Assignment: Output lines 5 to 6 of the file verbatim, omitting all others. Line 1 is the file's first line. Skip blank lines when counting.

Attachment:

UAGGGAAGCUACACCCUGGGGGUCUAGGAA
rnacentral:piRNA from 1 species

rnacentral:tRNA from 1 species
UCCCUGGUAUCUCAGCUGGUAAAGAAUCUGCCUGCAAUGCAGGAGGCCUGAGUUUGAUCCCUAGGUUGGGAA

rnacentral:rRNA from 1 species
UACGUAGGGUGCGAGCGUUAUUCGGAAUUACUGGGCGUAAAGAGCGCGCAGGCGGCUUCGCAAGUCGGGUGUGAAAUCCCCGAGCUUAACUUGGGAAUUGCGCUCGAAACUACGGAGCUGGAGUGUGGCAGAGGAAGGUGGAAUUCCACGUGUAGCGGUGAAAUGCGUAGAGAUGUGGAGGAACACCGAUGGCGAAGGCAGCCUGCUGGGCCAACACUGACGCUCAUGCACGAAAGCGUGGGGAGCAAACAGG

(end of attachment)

rnacentral:rRNA from 1 species
UACGUAGGGUGCGAGCGUUAUUCGGAAUUACUGGGCGUAAAGAGCGCGCAGGCGGCUUCGCAAGUCGGGUGUGAAAUCCCCGAGCUUAACUUGGGAAUUGCGCUCGAAACUACGGAGCUGGAGUGUGGCAGAGGAAGGUGGAAUUCCACGUGUAGCGGUGAAAUGCGUAGAGAUGUGGAGGAACACCGAUGGCGAAGGCAGCCUGCUGGGCCAACACUGACGCUCAUGCACGAAAGCGUGGGGAGCAAACAGG